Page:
Meanwhile, back at the Beacon Theatre, the curtain now is rising on a new show, i.e. specifically not the same show as yesterday. Back to zero. For the 2983rd time at the Never Ending Tour, and for the fourth show in a row in this beautiful room. Dylan is dressed in black but with purple stripes. Looking good! The audience responds immediately when he sings “Things Have Changed” and even more “It Ain´t Me, Babe” and “Highway 61 Revisited”. For me, that also has seen the previous shows, the performance is fine, but it feels like something is lacking, whether it is the energy of yesterday´s show or if it is one ingredient that I don´t really can put my finger on. “When I Paint My Masterpiece” is great, but still I´m not wholly convinced. But then, suddenly, in the midst of “Honest With Me”, it´s like the coin finally finds the right lane and the higher gear kicks in. Dylan sways from left to right by the piano, with a demonic Cheshire cat grin, like he is reminding us that it´s exactly the same where we´re going, if we don´t know where we want to end up. But he himself means business, and takes totally control from here and to the last note on “Blowing In The Wind”. Before that he makes some excellent phrasing on “Trying To Get To Heaven” and a beautiful “Make You Feel My Love”, continuing with the most magnificent version of “Scarlet Town” so far, with a deep and warm tone in his vocal all through the song, his hands drawing beautiful pictures in the air. The new version of “Like A Rolling Stone” has now interestingly developed into a call and response session between Dylan and the audience, Dylan smiling, the people are yelling, before they sing the chorus together. He shouts out “When you got nothing, you got nothing to lose” as a possible contrast or comment to what he told us a few songs earlier: “When you think that you have lost everything, you find out you can alway lose a little more.” Both sentiments can be true, of course. The band is just killing “Early Roman Kings”, before Bob once more uses his fantastic hymn-filter on “Don´t Think Twice, It´s All Right”, like he has done with “Girl From The North Country” and “Shelter From The Storm” a few years ago, making us feel, not that he sits in our living room, but that we are invited into his. The harmonica solo in the end makes the instrument transcend into a full-blown church organ – just incredibly beautiful. Wow!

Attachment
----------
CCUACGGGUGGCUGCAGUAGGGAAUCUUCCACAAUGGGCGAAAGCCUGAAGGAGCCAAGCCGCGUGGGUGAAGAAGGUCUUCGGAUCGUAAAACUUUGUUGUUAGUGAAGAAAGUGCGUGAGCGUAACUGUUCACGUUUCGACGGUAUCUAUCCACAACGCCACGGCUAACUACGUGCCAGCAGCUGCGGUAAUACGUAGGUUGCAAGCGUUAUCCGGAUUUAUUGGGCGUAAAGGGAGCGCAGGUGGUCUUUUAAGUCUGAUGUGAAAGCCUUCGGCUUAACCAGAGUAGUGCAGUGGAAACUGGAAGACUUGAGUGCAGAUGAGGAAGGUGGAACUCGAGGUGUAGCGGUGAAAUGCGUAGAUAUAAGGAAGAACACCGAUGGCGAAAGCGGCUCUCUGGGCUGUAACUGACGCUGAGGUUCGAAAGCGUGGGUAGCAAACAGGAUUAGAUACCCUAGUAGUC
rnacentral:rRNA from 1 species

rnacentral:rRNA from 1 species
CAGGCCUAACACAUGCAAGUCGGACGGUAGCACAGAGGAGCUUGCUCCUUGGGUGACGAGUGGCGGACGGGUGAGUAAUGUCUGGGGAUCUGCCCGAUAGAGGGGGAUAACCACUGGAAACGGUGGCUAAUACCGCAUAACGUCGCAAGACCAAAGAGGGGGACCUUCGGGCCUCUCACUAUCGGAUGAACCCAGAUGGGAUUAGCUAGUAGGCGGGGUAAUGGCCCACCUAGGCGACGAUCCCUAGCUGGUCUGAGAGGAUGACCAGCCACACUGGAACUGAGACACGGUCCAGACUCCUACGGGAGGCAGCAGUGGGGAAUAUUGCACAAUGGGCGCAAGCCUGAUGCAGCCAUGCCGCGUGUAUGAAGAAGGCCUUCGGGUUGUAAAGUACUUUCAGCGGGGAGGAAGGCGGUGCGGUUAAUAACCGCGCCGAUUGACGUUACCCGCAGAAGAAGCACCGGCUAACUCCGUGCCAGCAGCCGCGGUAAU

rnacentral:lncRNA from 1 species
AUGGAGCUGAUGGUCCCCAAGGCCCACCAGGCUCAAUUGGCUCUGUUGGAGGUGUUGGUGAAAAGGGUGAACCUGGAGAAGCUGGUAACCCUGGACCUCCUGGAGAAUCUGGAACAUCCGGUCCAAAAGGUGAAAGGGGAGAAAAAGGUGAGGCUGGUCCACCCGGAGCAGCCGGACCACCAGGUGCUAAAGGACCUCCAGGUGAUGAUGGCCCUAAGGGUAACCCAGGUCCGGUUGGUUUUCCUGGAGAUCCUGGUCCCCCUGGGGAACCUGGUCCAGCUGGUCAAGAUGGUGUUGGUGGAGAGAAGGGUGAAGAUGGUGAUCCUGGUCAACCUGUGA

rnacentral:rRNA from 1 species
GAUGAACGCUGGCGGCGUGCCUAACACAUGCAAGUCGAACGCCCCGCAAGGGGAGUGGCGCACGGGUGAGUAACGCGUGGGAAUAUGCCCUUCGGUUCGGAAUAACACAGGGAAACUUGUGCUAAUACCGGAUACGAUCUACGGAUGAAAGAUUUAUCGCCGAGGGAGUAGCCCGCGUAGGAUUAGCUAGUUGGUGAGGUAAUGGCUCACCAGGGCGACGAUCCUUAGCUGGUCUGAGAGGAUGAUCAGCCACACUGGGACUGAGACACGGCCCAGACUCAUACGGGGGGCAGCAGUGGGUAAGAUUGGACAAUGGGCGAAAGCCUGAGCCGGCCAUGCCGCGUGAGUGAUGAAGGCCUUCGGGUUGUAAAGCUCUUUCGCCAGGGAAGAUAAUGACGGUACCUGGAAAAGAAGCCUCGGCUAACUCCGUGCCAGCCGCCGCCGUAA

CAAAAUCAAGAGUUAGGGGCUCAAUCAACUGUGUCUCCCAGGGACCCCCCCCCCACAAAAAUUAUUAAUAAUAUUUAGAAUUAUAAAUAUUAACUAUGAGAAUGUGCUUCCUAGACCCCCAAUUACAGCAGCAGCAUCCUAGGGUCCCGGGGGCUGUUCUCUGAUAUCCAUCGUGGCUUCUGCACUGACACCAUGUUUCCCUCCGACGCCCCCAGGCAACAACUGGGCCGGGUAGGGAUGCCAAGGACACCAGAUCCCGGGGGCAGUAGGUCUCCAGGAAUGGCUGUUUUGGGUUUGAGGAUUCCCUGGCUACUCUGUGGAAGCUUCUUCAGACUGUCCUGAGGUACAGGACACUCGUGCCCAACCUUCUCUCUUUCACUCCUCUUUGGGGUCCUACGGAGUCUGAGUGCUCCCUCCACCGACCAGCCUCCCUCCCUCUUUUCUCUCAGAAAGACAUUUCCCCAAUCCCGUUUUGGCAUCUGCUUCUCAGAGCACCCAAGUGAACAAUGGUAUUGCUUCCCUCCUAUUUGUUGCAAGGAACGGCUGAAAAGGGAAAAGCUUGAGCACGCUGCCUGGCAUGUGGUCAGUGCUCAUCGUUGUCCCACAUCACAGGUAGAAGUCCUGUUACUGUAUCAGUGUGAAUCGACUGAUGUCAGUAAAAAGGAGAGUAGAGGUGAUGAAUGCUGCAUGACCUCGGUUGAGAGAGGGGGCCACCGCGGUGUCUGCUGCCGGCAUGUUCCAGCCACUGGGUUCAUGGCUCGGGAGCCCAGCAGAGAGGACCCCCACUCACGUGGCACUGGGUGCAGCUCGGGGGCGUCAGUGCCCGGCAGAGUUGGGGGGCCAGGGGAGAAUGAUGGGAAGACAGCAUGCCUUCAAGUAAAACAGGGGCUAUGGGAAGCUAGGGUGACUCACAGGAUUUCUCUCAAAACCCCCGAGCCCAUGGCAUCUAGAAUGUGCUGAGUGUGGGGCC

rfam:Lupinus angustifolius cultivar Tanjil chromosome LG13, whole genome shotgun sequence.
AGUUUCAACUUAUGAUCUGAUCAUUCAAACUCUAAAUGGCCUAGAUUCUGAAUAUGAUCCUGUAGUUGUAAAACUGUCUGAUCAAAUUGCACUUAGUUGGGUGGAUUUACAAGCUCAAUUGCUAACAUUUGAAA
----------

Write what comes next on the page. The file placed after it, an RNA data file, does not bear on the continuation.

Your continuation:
Bob Dylan´s greatest song about heartbreak, “Love Sick”, is just plain fabulous tonight, always stating the perfect summary of the diagnosis in question:
I’m sick of love; I wish I’d never met you
I’m sick of love; I’m trying to forget you
Just don’t know what to do
I’d give anything to be with you
Love is a burning fire. Always. Lost love even more.
Both “Thunder On The Mountain” and “Gotta Serve Somebody” are coming on like fast trains, the last opens for a more than willing Bob to shout out “Yeah!” and “One of these days!” several times through the chorus, proud of his band, proud of Charlie playing his guitar like ringing a bell, The Gods of Rhythm, Tony & George, and the ubiquitous Donnie, always in the right place with the right instrument in hand.
I met people that saw Dylan for the first time tonight with tears in their eyes after the show. What I saw as unevenness in the start was more than repaid in the last half. The audience is great and many wants to dance to “All Along The Watchtower”. Standing ovations. Another great show at the Beacon. Three more to go. Lucky us.
p.s. To day we also learned that the guitarist from the first show of the Never-Ending Tour in 1988, and Bob, will have a double-date in Hyde Park next July. The guitarist was Neil Young. Rust never sleeps. d.s.